The Dominican Republic’s health system is governed by the General Health Law -42-01 and Law number 87.01, both enacted in 2001 by the Dominican Social Security System.
According to statistics that came out in 2004, every one in 10,000 Dominican inhabitants has access to the following: 10.3 doctors, 12.7 nurses, 1.6 bio-analysts, 0.07 radiology technicians, 0.58 pharmacists, 1.6 dentists and dentist assistants, 0.3 psychologists, 0.08 health educators, 0.4 social workers, 4.6 promoters, among other technicians.
The legislative advances accomplished seek to reduce imbalance that affects important segments of the population, in spite of progress made in recent years. Even though 99% of pregnancies and childbirth are attended by health professionals (doctors, obstetricians, and nurses), every 24 hours another woman dies as a result of complications during pregnancy and at childbirth, according to an ENDESA 2002 survey of health demographics.
Furthermore, the same research determined that in the area of infant health, 8% of children in urban areas are classified as suffering from chronic malnutrition (low height for their age) in comparison with 11% of children in rural areas. In terms of overall malnutrition rates (weight deficiency for their age), 4% of urban residents and 7% of rural residents are found to suffer. There is, at the same time, a tendency towards a decreasing death rate in the first year of life. Between 1997 and 2002, 31 in 1,000 newborns died.
Even though 99% of pregnancies and childbirth are attended by health professionals (doctors, obstetricians, and nurses), every 24 hours another woman dies as a result of complications during pregnancy and at childbirth. 8% of children in urban areas are classified as suffering from chronic malnutrition. There is, at the same time, a tendency towards a decreasing death rate in the first year of life.
The current health system is supported by both public and private funds, in a society in which each citizen contributes according to their salary.
The characterizing feature of the Dominican health system is that it provides free services and is publicly supported, in an attempt to provide special protection to those people and population groups living in poverty. In this sense, primary care centers and the gradual decentralization process in public health administration play a fundamental role.
Law 87-01 allowed for the creation of Health Risk Administrators (ARS), which are public, private or mixed entities, decentralized, with their own equity and legal personality. These entities must be authorized by the Health and Safety at Work Superintendence in order to manage the health and safety plans, according to the provisions in the Basic Health Plan, for a number of beneficiaries. The ARS serve as the health insurance system comprising The Dominican Social Security Institute (IDDS), private health insurance companies and all registered self-managed insurance in the country.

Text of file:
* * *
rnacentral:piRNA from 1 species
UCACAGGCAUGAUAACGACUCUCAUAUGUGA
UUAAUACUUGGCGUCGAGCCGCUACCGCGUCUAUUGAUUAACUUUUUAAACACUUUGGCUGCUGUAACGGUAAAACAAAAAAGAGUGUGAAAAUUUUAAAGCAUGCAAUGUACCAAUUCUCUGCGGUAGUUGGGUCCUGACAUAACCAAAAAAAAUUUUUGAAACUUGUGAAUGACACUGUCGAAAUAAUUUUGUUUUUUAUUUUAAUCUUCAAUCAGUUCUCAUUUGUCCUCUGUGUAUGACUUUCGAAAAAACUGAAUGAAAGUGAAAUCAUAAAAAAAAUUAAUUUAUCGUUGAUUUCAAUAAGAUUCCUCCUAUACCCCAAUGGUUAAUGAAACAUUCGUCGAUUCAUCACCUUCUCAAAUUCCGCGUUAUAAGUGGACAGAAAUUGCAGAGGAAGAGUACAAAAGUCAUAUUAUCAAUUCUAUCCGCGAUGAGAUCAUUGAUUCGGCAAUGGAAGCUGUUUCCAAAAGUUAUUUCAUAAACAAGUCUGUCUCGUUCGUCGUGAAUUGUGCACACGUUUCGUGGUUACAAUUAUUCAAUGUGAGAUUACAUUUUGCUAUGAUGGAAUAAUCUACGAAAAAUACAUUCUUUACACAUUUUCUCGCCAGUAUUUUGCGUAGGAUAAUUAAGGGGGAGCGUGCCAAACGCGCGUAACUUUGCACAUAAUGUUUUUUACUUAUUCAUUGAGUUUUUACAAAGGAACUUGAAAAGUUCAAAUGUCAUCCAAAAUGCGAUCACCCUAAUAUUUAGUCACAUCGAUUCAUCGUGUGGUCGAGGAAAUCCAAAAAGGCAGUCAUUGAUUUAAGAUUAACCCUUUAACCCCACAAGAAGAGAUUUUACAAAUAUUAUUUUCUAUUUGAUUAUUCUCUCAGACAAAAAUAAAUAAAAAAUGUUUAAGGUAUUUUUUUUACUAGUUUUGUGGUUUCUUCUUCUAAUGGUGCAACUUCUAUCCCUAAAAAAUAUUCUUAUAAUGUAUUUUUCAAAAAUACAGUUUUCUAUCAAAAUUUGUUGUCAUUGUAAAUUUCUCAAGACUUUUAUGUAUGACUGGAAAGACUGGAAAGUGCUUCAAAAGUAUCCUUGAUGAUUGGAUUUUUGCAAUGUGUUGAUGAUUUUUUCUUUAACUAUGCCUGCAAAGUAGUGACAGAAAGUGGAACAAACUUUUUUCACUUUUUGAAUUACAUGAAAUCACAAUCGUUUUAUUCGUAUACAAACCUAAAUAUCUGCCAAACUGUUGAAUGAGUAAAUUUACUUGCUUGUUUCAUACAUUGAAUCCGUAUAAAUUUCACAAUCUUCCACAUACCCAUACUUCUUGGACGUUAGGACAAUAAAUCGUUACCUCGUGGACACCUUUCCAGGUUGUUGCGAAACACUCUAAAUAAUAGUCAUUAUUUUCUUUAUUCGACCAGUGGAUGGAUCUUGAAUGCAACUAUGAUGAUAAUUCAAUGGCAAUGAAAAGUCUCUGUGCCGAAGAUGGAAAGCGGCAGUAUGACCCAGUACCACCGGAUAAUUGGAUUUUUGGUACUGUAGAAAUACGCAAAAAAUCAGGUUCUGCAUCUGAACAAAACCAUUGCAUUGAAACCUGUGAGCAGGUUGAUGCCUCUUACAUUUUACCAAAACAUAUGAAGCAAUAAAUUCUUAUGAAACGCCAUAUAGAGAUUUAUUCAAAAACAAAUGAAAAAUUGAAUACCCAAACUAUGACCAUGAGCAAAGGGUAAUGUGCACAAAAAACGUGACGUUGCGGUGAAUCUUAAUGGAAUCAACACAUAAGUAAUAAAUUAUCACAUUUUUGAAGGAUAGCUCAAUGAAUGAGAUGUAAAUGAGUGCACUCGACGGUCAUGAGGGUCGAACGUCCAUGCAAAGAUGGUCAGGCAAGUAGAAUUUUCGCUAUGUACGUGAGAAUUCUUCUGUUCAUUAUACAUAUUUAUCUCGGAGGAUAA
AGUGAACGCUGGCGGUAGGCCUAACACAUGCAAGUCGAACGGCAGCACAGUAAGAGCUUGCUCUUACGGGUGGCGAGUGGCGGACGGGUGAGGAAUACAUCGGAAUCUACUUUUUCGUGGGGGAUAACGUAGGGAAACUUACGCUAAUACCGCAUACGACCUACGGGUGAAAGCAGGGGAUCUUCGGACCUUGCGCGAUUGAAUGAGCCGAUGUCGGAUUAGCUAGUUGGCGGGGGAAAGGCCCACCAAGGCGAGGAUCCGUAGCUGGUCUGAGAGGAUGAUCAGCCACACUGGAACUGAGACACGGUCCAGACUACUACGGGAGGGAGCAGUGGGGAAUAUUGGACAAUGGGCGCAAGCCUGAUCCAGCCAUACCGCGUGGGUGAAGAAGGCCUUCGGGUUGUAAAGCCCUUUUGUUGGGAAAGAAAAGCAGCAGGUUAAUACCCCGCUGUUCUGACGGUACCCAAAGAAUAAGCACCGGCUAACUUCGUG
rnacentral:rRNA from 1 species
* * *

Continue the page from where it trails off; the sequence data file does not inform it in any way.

National Health Insurance (SeNaSa) was created with the enactment of law 87-01, which formed the Dominican Social Security System. This piece of law established that SeNaSa is the public autonomous and decentralized institution responsible for the administration of health insurance for subsidiary, contributory, and contributory-subsidiary enrollees from the public sector and contributors from the private sector that join voluntarily.
The legal framework of the Dominican Republic’s health system has changed substantially, with the enactment in 2001 of the General Health Law (1942-2001) and the law creating the Dominican Social Security System (1987-1901).
The Reform of the Dominican Health Sector was meant to form the National Health System, which is headed by the Ministry of Public Health. The cornerstone of the reform is to achieve the effective separation of the functions of governing of the system to ensure the safeguarding, financing and provision of health services, to guarantee universal access to the Dominican people.
|INSTITUTIONAL REORGANIZATION PROCESS||PROFILE OF THE HEALTH SYSTEM OF THE DOMINICAN REPUBLIC (2007)|
|The legal framework of the Dominican Republic’s health system has changed substantially, with the enactment in 2001 of the General Health Law (1942-2001) and the law creating the Dominican Social Security System (1987-1901).Download document (Word)||The document Health System Profile provide a quick look at the evolution the process of reform in the Dominican Republic: its beginnings, achievements and gaps, and the new challenges that will face the institutions that make up the law National Health System.Download document (PDF)|
The Ministry of Public Health (MSP) maintains a single portal that offers Dominican citizens a tool to complete processes and services from the ministry: http://www.msp.gob.do/ventanilla
MSP’s General Directorate of Epidemiology is the Branch that disperses notifications of epidemics, alerts and quick response to emergency epidemiological situations. http://digepisalud.gob.do
The Ministry of Public Health (formerly Secretary of State of Public Health and Social Assistance, SEPAS): http://www.sespas.gov.do
National Health Insurance (SENASA): http://www.arssenasa.gov.do/index/index.asp?idCook=das654d666s54s6df464fs65
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